Defense Bill Loaded With Earmarks
Although President Obama has repeatedly vowed to battle the special interests that severely inflated military spending in the past, he supports a proposed defense bill that contains billions in earmarks for projects the Pentagon did not request and does not want.
The $2.6 billion in earmarks will fund highly questionable projects that will largely benefit the financial supporters of the lawmakers, both Democrat and Republican, who will vote for the massive $636 billion spending bill. The president’s support practically guarantees that the earmarks will get final congressional approval, according to the newspaper that broke the story this week.
Steering the largest chunk of tax dollars to his supporters and his home state is the ranking Republican on the Senate Appropriations subcommittee on defense, Mississippi’s Thad Cochran, who allocated a total of $212 million worth of earmarks in the 2010 military spending bill.
Twelve million will go to company that contributed thousands to Cochran’s campaign, nearly $11 million to a university whose professors and staff donated more than $10,000 to the senator and about $6 million to another firm that also donated heavily to Cochran and employs his former aide. The veteran legislator assures his earmarks are based on “national security interests” even though they will fund projects that weren’t requested by the Defense Department.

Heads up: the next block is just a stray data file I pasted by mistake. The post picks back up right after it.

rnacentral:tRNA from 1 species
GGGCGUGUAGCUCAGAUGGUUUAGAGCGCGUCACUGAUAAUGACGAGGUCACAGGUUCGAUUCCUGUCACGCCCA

The chairman of the Senate Appropriations Committee, Hawaii Democrat Daniel Inouye, added 37 earmarks of his own worth $208 million. Nearly $70 million will go to entities that donated hundreds of thousands of dollars to his campaign, including a Hawaiian healthcare network ($24 million) and Boeing’s operation of the Maui Space Surveillance System ($20 million). Twenty million will go to a civic center named after the late Senator Ted Kennedy, a project that doesn’t seem to justify military spending.
Additionally, the proposed legislation includes nearly $2 billion for an extra destroyer that the Pentagon did not request and $2.5 billion for 10 cargo planes it does not want or need, all at the at the behest of legislators representing the states where those items are built.
So much for Obama’s stern promise to fight contractors, entrenched lobbyists and special interests in military spending. Just last month he assured members of the nation’s largest organization of combat veterans, the Veterans of Foreign Wars, that “if Congress sends me a defense bill loaded with a bunch of pork I will veto it.” Instead he plans to sign it into law.